Defense Policy Bill Includes Larsen Provisions to Support Military Communities, Strengthen National Security

Nov 15, 2017

WASHINGTON, D.C.— On Tuesday, the U.S. House voted 356-70 to approve the Conference Report for the National Defense Authorization Act (NDAA) for Fiscal Year 2018. Rep. Rick Larsen (WA-02), a member of the conference committee, successfully secured provisions in the conference report that would benefit the Pacific Northwest including a larger budget for Impact Aid and increased funding for military communities with groundwater contamination.

“The NDAA will strengthen military readiness, provide servicemembers with essential training and equipment, and support them with a 2.4 % military pay raise. I am pleased that, for the first time, the defense bill acknowledges that climate change is a direct threat to national security. And the bill rightly highlights the importance of diplomacy and working with allies as part of a complete national security strategy,” said Larsen, a senior member of the House Armed Services Committee.

Locally, the NDAA includes provisions that will benefit Northwest Washington’s military bases and families. It increases the authorization for Department of Defense Impact Aid, a program that provides funding to schools that educate servicemembers’ children but have reduced property tax revenues because of a military installation. Earlier this year, Larsen’s amendment increased Impact Aid authority from $30 million to $50 million, and the conference committee agreed on this higher level.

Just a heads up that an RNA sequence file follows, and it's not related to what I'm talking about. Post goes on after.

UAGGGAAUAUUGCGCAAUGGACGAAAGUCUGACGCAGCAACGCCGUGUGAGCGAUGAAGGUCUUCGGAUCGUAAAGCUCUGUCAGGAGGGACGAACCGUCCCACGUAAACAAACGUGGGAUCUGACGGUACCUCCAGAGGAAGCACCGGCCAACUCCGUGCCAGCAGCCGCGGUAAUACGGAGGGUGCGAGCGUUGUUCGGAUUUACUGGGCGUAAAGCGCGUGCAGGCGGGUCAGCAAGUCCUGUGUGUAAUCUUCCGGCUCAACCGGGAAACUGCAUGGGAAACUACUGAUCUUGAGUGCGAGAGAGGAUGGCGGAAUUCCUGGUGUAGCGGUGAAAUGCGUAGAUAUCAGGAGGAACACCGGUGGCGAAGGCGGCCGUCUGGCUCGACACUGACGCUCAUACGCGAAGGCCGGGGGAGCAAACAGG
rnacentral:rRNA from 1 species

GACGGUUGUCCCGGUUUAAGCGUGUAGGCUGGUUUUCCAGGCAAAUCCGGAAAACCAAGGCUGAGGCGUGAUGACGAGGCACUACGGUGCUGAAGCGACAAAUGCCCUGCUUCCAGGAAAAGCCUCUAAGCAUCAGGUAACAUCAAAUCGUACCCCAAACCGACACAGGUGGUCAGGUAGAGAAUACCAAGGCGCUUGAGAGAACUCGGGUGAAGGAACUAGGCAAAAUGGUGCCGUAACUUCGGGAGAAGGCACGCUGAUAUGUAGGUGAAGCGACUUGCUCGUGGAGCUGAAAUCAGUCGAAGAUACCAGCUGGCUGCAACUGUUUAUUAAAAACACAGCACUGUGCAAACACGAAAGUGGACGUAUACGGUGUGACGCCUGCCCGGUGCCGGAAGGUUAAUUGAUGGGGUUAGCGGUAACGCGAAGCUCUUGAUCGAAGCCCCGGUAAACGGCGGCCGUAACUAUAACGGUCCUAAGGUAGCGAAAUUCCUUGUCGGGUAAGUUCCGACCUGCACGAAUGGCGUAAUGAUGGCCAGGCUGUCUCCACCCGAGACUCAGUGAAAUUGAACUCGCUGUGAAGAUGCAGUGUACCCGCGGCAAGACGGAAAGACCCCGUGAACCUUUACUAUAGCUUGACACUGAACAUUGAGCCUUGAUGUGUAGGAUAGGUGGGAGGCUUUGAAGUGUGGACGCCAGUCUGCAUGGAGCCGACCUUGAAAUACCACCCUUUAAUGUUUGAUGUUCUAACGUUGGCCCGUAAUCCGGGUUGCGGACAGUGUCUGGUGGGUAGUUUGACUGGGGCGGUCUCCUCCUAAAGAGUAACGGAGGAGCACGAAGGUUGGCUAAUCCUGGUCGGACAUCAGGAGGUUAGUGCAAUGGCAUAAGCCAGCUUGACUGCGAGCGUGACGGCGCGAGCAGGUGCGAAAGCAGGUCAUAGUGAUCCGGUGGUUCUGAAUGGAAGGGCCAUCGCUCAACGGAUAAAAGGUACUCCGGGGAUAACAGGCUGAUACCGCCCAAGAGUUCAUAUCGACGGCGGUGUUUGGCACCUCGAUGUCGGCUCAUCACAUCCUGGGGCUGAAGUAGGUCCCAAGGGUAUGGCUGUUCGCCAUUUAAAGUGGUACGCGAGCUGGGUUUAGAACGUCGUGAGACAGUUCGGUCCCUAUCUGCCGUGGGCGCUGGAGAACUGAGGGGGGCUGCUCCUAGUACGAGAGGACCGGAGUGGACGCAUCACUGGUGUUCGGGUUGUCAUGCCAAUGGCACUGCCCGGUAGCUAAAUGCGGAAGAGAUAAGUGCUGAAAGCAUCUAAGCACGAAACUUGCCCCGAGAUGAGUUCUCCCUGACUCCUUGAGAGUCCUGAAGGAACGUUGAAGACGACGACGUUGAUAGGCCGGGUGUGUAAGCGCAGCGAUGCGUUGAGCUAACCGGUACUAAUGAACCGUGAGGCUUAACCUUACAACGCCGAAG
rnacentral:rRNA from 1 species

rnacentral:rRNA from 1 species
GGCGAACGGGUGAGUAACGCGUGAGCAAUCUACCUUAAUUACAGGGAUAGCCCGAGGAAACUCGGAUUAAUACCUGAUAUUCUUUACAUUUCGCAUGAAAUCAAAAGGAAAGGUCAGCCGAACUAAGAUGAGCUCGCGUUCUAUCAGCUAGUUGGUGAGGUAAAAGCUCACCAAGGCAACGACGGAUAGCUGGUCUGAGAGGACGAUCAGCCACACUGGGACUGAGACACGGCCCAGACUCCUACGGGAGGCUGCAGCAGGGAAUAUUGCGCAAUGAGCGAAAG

“Impact Aid is critical for Washington’s military communities – including Oak Harbor,” said Larsen. “Increased funding for this program will strengthen Washington’s military bases and ensure that servicemembers’ children are receiving the best education possible.”

Coupeville and Oak Harbor are among the many communities nationwide that face groundwater contamination from the military’s use of firefighting foam, which contains chemicals known as PFOA and PFOS. In a letter to conference committee members, Larsen requested an increase in the remediation budget for PFOA/PFOS, research into safe and effective alternate foams, and funding for a nationwide health impact study on PFOA/PFOS exposure. All of these proposals were included in the final legislation.

“People have a right to clean drinking water. I am pleased that the conferees agreed that cleanup and scientific research to address PFOA/PFOS contamination was a priority. And I will work with the Navy to ensure Coupeville and Oak Harbor get the resources they need,” said Larsen.

Other provisions shaped by Rep. Larsen include:

  • Eliminating language in the House-passed bill which undermined the New START treaty
  • Authorizing the acquisition of a polar icebreaker
  • Closing a loophole which currently shields military retired pay from court orders to satisfy judgments in cases of child abuse (originally introduced by Rep. Suzan DelBene (WA-01))
  • Authorizing the purchase of 17 KC-46A tankers
  • Promoting readiness of Navy mine warfare units

Earlier this year, the House and Senate each passed a version of the NDAA. As a senior member of the House Armed Services Committee, Larsen was a member of the conference committee tasked with reconciling hundreds of differences between the two bills into final legislation. In a letter to the Chairmen and Ranking Members, Larsen urged members to support provisions that would benefit national security and Northwest Washington’s military bases and families.

 

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